A couple that is cohabiting is one that is living together without being in a civil partnership or a marriage. On the other hand, a civil partnership is a legal arrangement whereby a couple (same-sex or opposite-sex) who aren’t related enter into a registered legal union.

Unlike cohabitation, a civil partnership gives the partners more legal rights and responsibilities towards each other during and when the relationship ends. However, cohabiting partners can draw up an agreement, known as a cohabitation contract, outlining their legal rights such as property ownership, parental responsibility, joint-ownership of possessions, etc.

In summary, here are some differences between cohabiting and civil partnership:

Legal recognition: A civil partnership is legally recognised, whilst cohabiting is not.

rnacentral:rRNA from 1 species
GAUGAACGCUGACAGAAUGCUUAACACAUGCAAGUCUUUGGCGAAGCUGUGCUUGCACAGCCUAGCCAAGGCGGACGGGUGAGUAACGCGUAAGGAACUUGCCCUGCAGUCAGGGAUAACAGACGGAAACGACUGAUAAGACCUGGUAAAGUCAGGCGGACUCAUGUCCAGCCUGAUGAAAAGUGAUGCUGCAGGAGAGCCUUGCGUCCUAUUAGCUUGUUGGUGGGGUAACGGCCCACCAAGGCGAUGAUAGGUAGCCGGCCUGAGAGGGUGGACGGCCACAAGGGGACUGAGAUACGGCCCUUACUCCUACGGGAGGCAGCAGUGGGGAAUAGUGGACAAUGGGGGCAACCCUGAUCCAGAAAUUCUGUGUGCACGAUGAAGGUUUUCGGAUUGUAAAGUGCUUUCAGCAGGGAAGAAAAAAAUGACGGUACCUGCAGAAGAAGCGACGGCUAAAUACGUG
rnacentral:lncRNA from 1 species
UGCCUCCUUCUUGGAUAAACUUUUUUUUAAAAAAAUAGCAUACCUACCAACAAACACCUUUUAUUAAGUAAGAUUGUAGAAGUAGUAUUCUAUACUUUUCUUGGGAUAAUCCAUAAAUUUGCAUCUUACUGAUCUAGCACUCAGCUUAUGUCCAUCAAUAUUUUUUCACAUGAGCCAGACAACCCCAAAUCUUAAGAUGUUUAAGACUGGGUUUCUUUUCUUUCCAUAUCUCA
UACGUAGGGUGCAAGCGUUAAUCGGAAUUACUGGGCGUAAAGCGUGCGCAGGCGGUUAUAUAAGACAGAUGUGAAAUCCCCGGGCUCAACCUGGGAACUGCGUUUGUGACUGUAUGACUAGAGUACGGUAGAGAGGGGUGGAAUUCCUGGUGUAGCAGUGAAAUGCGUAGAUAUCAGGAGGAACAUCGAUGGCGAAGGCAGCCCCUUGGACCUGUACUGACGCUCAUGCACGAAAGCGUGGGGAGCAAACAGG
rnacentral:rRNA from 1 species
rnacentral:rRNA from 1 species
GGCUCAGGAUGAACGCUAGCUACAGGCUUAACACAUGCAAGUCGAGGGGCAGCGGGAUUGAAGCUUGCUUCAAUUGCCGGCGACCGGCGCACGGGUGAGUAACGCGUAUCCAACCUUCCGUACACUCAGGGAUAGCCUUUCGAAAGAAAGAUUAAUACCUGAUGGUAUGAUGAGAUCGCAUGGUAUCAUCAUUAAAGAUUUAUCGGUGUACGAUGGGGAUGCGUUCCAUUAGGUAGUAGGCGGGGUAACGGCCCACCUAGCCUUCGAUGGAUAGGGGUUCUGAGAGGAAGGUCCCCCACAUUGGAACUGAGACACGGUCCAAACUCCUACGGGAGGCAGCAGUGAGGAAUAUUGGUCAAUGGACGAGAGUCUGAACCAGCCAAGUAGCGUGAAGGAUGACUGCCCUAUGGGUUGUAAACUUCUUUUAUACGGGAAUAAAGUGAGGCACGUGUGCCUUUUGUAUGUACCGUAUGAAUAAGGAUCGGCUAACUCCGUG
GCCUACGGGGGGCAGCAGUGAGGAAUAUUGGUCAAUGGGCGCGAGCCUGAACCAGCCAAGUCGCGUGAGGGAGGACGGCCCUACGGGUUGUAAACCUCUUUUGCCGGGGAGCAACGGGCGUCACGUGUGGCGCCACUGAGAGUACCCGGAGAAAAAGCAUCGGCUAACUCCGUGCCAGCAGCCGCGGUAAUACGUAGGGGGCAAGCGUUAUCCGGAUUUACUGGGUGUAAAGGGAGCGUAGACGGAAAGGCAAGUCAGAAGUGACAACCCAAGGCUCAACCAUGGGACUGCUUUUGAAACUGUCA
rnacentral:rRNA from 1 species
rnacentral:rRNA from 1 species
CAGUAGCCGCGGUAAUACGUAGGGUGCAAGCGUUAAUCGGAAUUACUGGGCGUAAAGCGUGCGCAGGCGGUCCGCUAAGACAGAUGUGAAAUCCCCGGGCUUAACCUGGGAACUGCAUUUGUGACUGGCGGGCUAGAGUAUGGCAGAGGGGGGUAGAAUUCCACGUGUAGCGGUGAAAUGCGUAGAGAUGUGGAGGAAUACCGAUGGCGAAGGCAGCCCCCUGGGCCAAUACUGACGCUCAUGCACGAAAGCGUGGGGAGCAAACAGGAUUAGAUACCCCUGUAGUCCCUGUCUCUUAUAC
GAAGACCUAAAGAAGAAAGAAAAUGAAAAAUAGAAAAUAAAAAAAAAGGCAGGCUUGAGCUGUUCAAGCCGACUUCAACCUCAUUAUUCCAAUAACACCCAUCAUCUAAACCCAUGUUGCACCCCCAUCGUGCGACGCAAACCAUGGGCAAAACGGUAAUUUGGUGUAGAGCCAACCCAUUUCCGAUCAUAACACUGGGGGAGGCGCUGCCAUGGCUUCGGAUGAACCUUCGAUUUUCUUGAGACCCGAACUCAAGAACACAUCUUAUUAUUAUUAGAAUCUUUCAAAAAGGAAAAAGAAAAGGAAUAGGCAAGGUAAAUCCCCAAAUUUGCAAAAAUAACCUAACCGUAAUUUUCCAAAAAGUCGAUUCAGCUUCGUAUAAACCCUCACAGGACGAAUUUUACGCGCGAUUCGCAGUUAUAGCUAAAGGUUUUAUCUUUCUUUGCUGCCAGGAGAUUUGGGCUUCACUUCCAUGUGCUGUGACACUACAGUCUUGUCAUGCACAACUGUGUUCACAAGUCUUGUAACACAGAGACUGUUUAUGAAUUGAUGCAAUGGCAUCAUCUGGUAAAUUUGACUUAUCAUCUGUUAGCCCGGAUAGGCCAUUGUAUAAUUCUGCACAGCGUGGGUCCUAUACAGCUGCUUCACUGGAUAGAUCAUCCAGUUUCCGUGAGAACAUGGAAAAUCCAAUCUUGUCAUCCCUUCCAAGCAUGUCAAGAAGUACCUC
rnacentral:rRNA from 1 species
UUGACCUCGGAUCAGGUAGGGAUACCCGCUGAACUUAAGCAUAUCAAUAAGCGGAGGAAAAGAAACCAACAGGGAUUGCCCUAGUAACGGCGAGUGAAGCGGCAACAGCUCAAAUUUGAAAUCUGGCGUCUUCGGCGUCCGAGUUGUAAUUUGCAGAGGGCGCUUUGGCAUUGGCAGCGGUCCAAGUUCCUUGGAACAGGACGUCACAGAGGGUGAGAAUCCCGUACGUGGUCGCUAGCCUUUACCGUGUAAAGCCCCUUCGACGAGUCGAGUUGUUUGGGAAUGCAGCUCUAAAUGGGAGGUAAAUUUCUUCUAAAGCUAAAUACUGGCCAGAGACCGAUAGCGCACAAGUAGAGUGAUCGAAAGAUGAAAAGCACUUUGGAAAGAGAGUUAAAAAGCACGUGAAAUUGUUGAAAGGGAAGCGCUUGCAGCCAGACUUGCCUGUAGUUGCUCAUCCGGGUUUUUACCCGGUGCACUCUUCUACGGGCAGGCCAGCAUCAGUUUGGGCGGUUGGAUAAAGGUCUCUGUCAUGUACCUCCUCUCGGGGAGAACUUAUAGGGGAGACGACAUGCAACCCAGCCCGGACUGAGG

Ending the relationship: Cohabiting partners can end the relationship informally without court involvement while ending a civil partnership requires applying to the court for an annulment/dissolution.

Financial support: In a cohabiting arrangement, partners do not have a legal responsibility to support each other financially once the relationship ends, unlike in a civil partnership where the law requires them to support each other.

Housing (rented accommodation and owner-occupied): The partner who owns the home or is the named tenant can request the other to leave in a cohabiting relationship, while civil partnership grants a partner the right to stay no matter who the named tenant or homeowner is.


Take a look at some of our more frequently asked questions.

We are confident you'll find the information useful, and if you would like to know more or your question is not covered please contact us using our contact form at the foot of the page, or alternatively call us.

We use cookies to improve your experience and to help us understand how you use our site. By using this site, you accept our use of cookies. Learn more x